This article examines the Moemedi Pentecostal Church, a small, recently established group outside of Johannesburg, South Africa. Based on ethnographic fieldwork, it reviews the origins and theology of the church with particular emphasis on members' assertion of Jewish identity. The Moemedi Pentecostal Church (MPC) emphasizes the Old Testament and biblical Jews in a manner common to many Zionist churches in Africa. While it is common among Zionist churches for congregants to believe they are God's "new chosen people," MPC members take the additional step toward self-identification as Jews, even while claiming no historical Jewish identity. The Moemedi Pentecostal Church broke off from the International Pentecostal Church (IPC) after its founder, Frederick Modise, died in 1998. While continuing to embrace Modise's teachings, members of the new group eschew the divine messianic qualities many in the IPC attribute to him. The result is a complex blend of Zionist and Jewish elements in the MPC. This article suggests that the claim to be Jewish made by the members of the Moemedi Pentecostal Church is related to their assertion that they have a true understanding of Moemedi's function as a human messiah, as opposed to the divinity attributed to Moemedi by members of the IPC.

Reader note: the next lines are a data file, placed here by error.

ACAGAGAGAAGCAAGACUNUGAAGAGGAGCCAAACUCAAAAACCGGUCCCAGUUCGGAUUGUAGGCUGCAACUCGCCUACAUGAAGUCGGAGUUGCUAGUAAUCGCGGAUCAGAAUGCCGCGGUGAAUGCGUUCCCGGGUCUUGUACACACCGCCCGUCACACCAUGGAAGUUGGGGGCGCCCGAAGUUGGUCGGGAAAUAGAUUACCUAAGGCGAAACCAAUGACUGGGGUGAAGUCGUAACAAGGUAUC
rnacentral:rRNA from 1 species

- ©© 2009 by The Regents of the University of California